What inspired you to support the movement against human trafficking and make films about human trafficking and sexual exploitation?
I was inspired to support the movement against human trafficking by creating and starting a non-profit called The Majestic Dreams Foundation (www.themajestic.org) because I wanted to create awareness on all forms of abuse. Having been in the film industry for a little over eight years as an award-winning cinematographer, I decided to create a company that would embody and create films that make an impact, therefore, making a difference. I was featured on CNN’s Anderson 360, Al Jazeera English on my work on human trafficking and sexual exploitation.
One of the biggest things we can do to combat human trafficking and human exploitation is by shedding light and exposure on this topic. Using my connections and skills in the film industry, I am able to maximize and create exposure, thereby reaching the most amount of people. I created MDF because I wanted to be a voice for of all forms of abuse.
What draws you to support people who are trafficked and sexually exploited?
I am a survivor of both sexual and domestic physical abuse, and I wanted to help be the voice for those who are too afraid to speak up. I want their stories to never be forgotten. My overall goal with MDF is to create 5k survivor runs/walks, and various fundraisers to help fund awareness films, as well as victims’ outreach scholarship. We developed a Key2Free campaign, where survivors and non-survivors can band together and promote an abuse-free world in their personal lives. By being the “Key2Free” means you are being the key to a world free of abuse. Submit a Key2Free video today by saying, “I am the key to free.” Or you can purchase our custom made sterling silver Key2Free pendant with chain, and be proud to represent this movement. Every donation will help us combat abuse. www.themajestic.org/products.html
Can you tell me about the films you’ve made in the area of human trafficking?
Some of the work I’ve produced, directed, and did the cinematography for include Insatiable (www.insatiablethemovie.com), a short film about a young, disobedient teenage girl who sneaks out of her house. One night, she’s caught by her mom and is warned that bad things can happen to her if she continues her behavior. Unfortunately, one day, she learns that lesson the hard way, and is kidnapped one night as she sneaks out to go visit a friend. She’s thrown into a human trafficking ring that covers as a strip club, and is forced to become a prostitute. Insatiable gives a small glimpse on how easy it is to be taken and thrown into sexual exploitation, and thereby serves as a warning to young teenagers.
Forsaken Dreams is a feature documentary about eight survivors of various forms of abuse, from rape, incest, molestation, and domestic abuse, through to human trafficking and sexual exploitation, sharing their personal challenges growing up with a life filled with abuse. It’s about self-discovery, and fighting for what’s right, despite all the obstacles. Forsaken Dreams’ purpose is to shed light on abuse by providing awareness so we, as a society, can do something about it.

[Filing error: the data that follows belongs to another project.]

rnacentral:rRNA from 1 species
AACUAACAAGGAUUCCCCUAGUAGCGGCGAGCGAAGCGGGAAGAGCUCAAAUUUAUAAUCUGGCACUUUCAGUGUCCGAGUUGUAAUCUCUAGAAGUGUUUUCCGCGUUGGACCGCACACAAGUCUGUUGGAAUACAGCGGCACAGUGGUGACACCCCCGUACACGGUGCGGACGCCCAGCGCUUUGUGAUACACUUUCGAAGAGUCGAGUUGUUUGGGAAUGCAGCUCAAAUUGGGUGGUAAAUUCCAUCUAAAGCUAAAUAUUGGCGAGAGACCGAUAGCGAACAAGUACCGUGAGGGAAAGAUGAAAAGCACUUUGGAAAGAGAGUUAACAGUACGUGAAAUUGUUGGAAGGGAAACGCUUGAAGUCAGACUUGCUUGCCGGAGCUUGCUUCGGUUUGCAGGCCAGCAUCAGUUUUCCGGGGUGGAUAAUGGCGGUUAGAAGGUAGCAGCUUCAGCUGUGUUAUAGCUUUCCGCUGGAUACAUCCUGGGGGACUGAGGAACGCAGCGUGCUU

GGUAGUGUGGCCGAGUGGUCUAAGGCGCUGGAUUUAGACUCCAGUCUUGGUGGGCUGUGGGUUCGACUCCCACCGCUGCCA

Traffick in L.A. is a feature documentary about sexual exploitation and human trafficking in one of the United States largest cities, Los Angeles.
The Red Light is a feature film in development about a young girl thrown into human trafficking and sexual exploitation; she must fight her way out before the life consumes her.
How did you go about setting up your non-profit organisation?
There was a lot of things entailed to starting MDF because it’s not a cheap process. My husband and I paid out of pocket first to create the non-profit corporation. Next, I had to start fundraisers online to raise enough money to be able to pay for the fees to create a 501c3 tax exemption status, which took most of 2012.
What’s the main purpose of your role?
I am the founder/president of MDF. My current role is overseeing and creating projects that benefit the purpose of MDF and bringing them into fruition.
What legal improvements or changes would help to abolish human trafficking and sexual exploitation?
Legal improvements that would help abolish human trafficking and sexual exploitation would be harsher punishments on the pimps and the johns.
For anyone else who wants to be involved, what can other people do to help?
What people can do to help the problem is get off the computer, get out there, and do something about it. Posting things on Facebook on forums where people already know what human trafficking/human exploitation is, is not going to help. Get out there, be proactive on the fight to end abuse. Human exploitation is abuse, and I want people not to forget that. As a society, we need to fix that problem by combating all forms of abuse.
People who want to help can donate to MDF; each donation will help us in our effort to create awareness films and our long-term goals of outreach programs. People need to speak up against it, and if people are aware of what is going on in their daily lives, they need to say something. By not saying anything, we are not helping anyone.
What are your plans for the future?
My plan for the future is to keep doing what I’m doing. I will never stop until I am six feet under. My job is to expose corruption.
Recommended websites/books/films/further reading:
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